Asthma is one of the most common conditions impacting children today. In fact, asthma accounts for a loss of more than 10 million school days and costs parents more than $700 million due to missed work each year.
Many parents worry about their children with asthma participating in exercise. As a result, these parents limit their children’s physical activity. The truth is, asthma diagnoses often are misunderstood. Having asthma should not keep children from exercising.
To better control asthma triggers, follow these steps:
- Ask your child’s health care provider for an asthma action plan that will help you control your child’s asthma.
- Teach your child use the proper medication to manage the condition.
- Encourage and promote an active lifestyle.
- Make sure your child exercises in a controlled environment (clean space or outdoors) and always has his or her asthma medication readily available.
- Educate your child on what to do if an asthma attack occurs, so he or she knows how to react quickly.
- Talk to your child’s health care provider if current medication is not helping and your child is having symptoms on a regular basis.
For fun ways to increase your child’s physical activity with controlled exercise, visit the Centers for Disease Control. Information for parents can be found at the National Heart Lung and Blood Institute.
~ Michele Polfuss, APNP, Children’s Hospital of Wisconsin
Asthma is the No. 1 reason children are admitted to Children’s Hospital of Wisconsin, and winter in Wisconsin is a time when asthma sufferers have to be especially careful to prevent asthma attacks. Cold air can trigger asthma flare-ups. Winter also can bring an increase in sinus infections and upper respiratory viral infections that trigger or worsen asthma.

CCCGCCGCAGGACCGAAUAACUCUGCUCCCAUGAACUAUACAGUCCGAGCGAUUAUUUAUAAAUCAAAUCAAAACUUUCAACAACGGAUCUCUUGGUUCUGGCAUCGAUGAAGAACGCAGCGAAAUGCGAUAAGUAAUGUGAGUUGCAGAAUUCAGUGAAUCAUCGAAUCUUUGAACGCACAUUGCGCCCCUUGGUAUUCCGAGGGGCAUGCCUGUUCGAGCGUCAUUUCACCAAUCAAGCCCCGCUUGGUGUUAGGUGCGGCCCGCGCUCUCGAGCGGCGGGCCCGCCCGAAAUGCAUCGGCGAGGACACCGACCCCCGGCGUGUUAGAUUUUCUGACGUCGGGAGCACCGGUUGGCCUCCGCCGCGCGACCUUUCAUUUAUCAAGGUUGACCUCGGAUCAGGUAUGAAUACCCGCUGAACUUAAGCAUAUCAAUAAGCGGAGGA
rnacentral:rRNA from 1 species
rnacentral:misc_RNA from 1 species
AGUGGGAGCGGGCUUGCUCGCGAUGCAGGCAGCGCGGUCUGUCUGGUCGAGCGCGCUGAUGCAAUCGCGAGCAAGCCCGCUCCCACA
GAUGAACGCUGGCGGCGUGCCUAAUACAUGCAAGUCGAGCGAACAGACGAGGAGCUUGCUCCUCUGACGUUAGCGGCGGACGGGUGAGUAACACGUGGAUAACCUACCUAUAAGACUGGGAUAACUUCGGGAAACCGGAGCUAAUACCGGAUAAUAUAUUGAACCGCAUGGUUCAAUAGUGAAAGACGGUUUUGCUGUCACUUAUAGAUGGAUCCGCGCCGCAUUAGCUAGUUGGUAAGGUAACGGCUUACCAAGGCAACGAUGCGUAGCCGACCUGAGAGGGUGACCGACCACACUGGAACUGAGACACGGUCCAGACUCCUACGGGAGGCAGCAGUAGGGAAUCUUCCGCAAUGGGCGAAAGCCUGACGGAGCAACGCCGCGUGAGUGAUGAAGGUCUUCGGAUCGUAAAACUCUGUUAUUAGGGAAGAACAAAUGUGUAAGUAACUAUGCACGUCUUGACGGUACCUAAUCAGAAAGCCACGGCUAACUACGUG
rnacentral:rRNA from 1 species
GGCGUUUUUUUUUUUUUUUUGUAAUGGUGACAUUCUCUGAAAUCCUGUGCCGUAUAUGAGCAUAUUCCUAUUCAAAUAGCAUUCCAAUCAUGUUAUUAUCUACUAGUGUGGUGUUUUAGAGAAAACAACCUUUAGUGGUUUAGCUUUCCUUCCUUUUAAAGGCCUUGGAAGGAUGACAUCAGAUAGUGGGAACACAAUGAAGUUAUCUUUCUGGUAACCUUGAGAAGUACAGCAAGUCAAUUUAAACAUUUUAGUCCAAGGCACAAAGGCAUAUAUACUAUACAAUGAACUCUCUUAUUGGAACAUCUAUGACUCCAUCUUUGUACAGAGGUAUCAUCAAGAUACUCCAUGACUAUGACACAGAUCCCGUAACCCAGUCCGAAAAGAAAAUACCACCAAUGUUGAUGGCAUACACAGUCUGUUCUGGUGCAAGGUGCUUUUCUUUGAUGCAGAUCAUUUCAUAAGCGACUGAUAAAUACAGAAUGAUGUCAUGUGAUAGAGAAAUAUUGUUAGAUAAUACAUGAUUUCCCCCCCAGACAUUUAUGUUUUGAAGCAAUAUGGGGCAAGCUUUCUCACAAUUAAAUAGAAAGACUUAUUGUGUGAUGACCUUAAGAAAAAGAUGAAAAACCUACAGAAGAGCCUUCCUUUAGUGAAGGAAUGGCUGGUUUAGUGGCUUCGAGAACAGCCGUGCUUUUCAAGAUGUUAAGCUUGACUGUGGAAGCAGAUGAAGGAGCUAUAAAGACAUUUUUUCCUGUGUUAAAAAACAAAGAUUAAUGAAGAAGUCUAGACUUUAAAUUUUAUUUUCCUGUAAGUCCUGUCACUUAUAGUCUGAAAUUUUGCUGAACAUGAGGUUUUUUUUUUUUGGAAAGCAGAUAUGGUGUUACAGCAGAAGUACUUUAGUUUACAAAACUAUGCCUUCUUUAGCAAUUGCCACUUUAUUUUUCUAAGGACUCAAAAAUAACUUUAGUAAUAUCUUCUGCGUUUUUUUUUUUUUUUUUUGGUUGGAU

Consider these tips to help prevent winter asthma attacks:
- Dress warmly. Cover your nose and mouth with a scarf when outside. This helps to warm and moisten the air before it is breathed into the lungs.
- Monitor air quality indoors. Avoid using wood stoves or fireplaces because they pollute the air.
- Keep your body healthy. Get your annual flu shot and wash hands frequently. Be proactive in avoiding illness. Colds and other respiratory infections can lead to asthma flare-ups.
- Be cautious of over-the-counter cold medications that may trigger a bad reaction or upset the success of your current asthma treatment program.
- Always make sure you and/or your child have your medication before going outside.
Your physician is your best source for information if you have questions. Follow your physician’s plan for ongoing asthma care and management. Notify your doctor immediately if you or your child becomes sick during the season. Regardless of any precautions you take, make sure you are ready to handle an asthma episode before it occurs.
~ Michael C. Zacharisen, MD, allergist and immunologist at the Asthma, Allergy and Clinical Immunology Center at Children’s Hospital of Wisconsin.
As coordinator for Fight Asthma Milwaukee Allies, I keep very busy teaching Milwaukee students about asthma: what it is and how to manage it. Last week was especially busy, as I also was gearing up for Milwaukee Public Schools’ anti-idling campaign. It was so great to see young students taking action to make the air they breathe better.